Kanungu District Tightens Border Surveillance After Ebola Outbreak in DRC

There is heightened surveillance by Kanungu district health officials at the common border with the Democratic Republic of Congo-DRC following the outbreak of the deadly Ebola virus.

On October 8th, 2021, DRC’s Minister of Public Health, Hygiene and Prevention, Dr. Jean-Jacques Mbungani Mbanda confirmed the outbreak of Ebola in Butsili health area, Beni North Kivu province, about 162 miles to the Uganda-DRC border of Kanungu.

This followed the death of a 3-year-old boy in a local health facility on October 6, 2021. He lived in the same community where three family members died in September after presenting Ebola-like symptoms, according to Dr. Matshidiso Moeti, the World Health Organization (WHO) Regional Director for Africa.

The minor first developed symptoms including physical weakness, loss of appetite, abdominal pain, breathing difficulty, dark stool and blood in his vomit. On 7th October 2021, the National Institute of Biomedical Research (INRB) laboratory in Beni tested his samples for molecular analysis.

They were later sent to the Rodolphe Mérieux INRB laboratory, Goma on 8 October, which confirmed Ebola by reverse transcription-polymerase chain reaction (RT-PCR) on the same day. Now, Kato Besisira, the Kanungu Assistant District Health Officer in charge of Environmental health, who is also the chairperson of the district Ebola taskforce told our reporter that screening facilities have been placed at the Ishasha and Butogota entry points to make sure that any person crossing to Uganda is thoroughly checked.

He says that health workers deployed at the border screening points received virtual training on how to handle people crossing from DR Congo to Uganda, with the help of the ministry of health. Besisira also says that they have already notified all the implementing partners in the district like Red Cross and United Nations High Commission for Refugees (UNHCR) among others, to intervene and provide help in case of any need.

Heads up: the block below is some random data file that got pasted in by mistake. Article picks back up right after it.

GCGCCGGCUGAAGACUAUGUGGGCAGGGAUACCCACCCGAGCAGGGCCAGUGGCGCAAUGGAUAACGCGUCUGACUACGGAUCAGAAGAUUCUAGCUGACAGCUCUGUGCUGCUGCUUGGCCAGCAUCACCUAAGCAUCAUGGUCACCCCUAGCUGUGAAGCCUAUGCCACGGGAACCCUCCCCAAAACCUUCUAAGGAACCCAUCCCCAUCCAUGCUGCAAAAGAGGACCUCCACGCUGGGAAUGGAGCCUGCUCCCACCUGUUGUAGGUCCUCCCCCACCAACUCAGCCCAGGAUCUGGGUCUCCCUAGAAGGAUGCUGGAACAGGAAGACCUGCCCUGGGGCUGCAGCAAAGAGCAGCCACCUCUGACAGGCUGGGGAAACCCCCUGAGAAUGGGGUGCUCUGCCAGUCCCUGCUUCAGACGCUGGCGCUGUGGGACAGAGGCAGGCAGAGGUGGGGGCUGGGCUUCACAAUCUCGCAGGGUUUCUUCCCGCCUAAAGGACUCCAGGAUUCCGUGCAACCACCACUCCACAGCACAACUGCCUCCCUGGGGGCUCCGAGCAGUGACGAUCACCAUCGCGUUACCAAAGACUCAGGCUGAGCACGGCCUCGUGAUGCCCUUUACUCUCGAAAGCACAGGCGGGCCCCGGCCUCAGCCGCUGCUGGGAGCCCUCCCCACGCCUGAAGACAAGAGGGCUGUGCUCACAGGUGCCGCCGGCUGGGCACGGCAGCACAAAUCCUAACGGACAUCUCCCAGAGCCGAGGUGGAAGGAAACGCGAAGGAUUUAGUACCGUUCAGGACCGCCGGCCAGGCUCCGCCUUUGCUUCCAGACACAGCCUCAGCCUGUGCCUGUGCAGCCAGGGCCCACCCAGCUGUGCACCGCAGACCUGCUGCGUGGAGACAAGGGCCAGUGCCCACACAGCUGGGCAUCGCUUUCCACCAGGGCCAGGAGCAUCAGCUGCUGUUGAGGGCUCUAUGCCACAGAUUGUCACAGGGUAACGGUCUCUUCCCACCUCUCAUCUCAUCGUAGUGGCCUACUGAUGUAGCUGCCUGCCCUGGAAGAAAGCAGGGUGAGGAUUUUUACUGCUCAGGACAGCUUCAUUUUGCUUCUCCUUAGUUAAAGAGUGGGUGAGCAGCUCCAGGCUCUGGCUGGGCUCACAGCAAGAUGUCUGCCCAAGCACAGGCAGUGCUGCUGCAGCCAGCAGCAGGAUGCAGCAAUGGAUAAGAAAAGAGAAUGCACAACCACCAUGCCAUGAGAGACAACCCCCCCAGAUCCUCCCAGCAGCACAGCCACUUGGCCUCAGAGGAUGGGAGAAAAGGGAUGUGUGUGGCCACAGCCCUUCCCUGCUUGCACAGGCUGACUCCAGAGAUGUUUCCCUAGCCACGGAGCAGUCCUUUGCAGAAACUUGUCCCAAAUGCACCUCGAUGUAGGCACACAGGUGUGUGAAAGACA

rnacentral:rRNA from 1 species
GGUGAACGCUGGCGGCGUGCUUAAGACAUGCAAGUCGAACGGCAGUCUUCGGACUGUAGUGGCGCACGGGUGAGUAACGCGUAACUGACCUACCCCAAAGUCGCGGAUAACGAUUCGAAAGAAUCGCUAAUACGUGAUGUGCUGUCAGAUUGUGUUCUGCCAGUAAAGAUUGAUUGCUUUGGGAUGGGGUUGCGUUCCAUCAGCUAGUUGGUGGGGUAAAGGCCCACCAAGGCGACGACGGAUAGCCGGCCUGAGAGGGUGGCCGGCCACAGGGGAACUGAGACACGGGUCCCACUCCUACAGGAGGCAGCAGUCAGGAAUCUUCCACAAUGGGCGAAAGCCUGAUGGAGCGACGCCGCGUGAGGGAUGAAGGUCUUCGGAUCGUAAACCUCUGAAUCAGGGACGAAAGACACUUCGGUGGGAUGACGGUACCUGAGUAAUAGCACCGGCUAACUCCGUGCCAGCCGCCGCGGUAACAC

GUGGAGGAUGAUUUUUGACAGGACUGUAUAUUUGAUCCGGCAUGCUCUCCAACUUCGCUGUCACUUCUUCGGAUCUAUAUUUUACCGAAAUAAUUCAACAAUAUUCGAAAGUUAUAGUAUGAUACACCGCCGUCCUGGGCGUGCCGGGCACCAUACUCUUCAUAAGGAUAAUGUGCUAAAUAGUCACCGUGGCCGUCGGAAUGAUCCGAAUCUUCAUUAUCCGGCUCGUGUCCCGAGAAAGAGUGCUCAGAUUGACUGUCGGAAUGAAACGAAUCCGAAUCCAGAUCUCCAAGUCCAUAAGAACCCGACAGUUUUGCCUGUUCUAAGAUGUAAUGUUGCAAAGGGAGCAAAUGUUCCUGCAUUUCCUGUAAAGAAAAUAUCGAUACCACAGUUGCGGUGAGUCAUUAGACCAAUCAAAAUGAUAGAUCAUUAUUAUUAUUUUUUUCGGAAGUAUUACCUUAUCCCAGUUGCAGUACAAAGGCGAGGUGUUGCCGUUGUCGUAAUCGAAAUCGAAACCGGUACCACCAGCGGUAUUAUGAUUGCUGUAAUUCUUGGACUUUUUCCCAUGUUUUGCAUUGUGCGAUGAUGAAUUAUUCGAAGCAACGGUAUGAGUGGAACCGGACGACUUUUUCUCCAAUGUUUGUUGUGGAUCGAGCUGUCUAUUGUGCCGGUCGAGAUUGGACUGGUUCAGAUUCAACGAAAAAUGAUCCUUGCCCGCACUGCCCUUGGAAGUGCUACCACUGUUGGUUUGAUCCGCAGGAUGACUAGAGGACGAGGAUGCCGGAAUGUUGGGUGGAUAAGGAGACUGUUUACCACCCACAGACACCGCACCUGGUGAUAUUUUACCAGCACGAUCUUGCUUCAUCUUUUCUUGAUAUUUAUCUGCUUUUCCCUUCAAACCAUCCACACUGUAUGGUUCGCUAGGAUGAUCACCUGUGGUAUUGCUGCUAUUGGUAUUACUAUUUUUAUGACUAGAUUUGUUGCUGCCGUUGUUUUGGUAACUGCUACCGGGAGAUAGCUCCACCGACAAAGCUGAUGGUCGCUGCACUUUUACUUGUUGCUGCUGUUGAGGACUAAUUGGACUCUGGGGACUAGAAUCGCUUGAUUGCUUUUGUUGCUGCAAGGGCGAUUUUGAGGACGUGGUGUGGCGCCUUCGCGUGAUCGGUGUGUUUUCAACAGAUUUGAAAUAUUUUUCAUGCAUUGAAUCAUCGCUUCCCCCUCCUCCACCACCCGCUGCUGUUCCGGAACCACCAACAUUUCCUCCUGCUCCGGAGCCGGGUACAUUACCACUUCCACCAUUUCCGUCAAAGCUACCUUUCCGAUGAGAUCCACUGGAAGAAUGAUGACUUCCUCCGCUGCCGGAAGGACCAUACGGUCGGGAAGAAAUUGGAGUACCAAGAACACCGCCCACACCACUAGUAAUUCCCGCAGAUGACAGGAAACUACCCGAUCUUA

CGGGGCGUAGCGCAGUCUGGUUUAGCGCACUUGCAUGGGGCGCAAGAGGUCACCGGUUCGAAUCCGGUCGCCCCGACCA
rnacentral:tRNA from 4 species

He also says that they are now conducting several meetings with all health workers as a way of getting prepared to handle the situation in case they register a case. Besisira however says that they are facing a challenge of lack of Personal Protective Equipment for health workers to protect them from getting in direct contact with the suspected cases.

Hajji Shafiq Ssekandi, the Kanungu Resident District Commissioner says that they have already started a sensitization campaign through local radio stations to make locals aware of the outbreak in DR Congo.

Ssekandi urges locals to remain vigilant and report any suspected cases to relevant health authorities. He also asks them to avoid unnecessary crossings to DR Congo. Ebola vaccination started in Beni on Wednesday last week with 1,000 doses of rVSV-ZEBOV Ebola vaccine administered. Other medical supplies were delivered from the capital Kinshasa to the city of Goma in North Kivu.

Nearly 200 doses were sent to Beni, near the health area of Butsili where the confirmed case was detected, according to the WHO. Dr Michel Kaseraka Tosalisana, the chief medical officer of the Beni health zone and coordinator of the local Ebola response committee in North Kivu province says that health officials are monitoring the disease at the same time fighting COVID-19.




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